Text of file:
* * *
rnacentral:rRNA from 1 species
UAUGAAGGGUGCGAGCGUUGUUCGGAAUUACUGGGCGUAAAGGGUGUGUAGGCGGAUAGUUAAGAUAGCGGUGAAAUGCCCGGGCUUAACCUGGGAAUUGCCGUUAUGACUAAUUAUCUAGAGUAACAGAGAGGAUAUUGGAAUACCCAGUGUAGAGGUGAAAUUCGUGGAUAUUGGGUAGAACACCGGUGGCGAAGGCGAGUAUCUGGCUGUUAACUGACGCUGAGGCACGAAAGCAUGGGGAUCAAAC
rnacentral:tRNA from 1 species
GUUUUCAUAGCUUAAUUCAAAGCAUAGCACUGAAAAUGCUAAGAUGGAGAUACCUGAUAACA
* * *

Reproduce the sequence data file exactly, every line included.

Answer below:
rnacentral:rRNA from 1 species
UAUGAAGGGUGCGAGCGUUGUUCGGAAUUACUGGGCGUAAAGGGUGUGUAGGCGGAUAGUUAAGAUAGCGGUGAAAUGCCCGGGCUUAACCUGGGAAUUGCCGUUAUGACUAAUUAUCUAGAGUAACAGAGAGGAUAUUGGAAUACCCAGUGUAGAGGUGAAAUUCGUGGAUAUUGGGUAGAACACCGGUGGCGAAGGCGAGUAUCUGGCUGUUAACUGACGCUGAGGCACGAAAGCAUGGGGAUCAAAC
rnacentral:tRNA from 1 species
GUUUUCAUAGCUUAAUUCAAAGCAUAGCACUGAAAAUGCUAAGAUGGAGAUACCUGAUAACA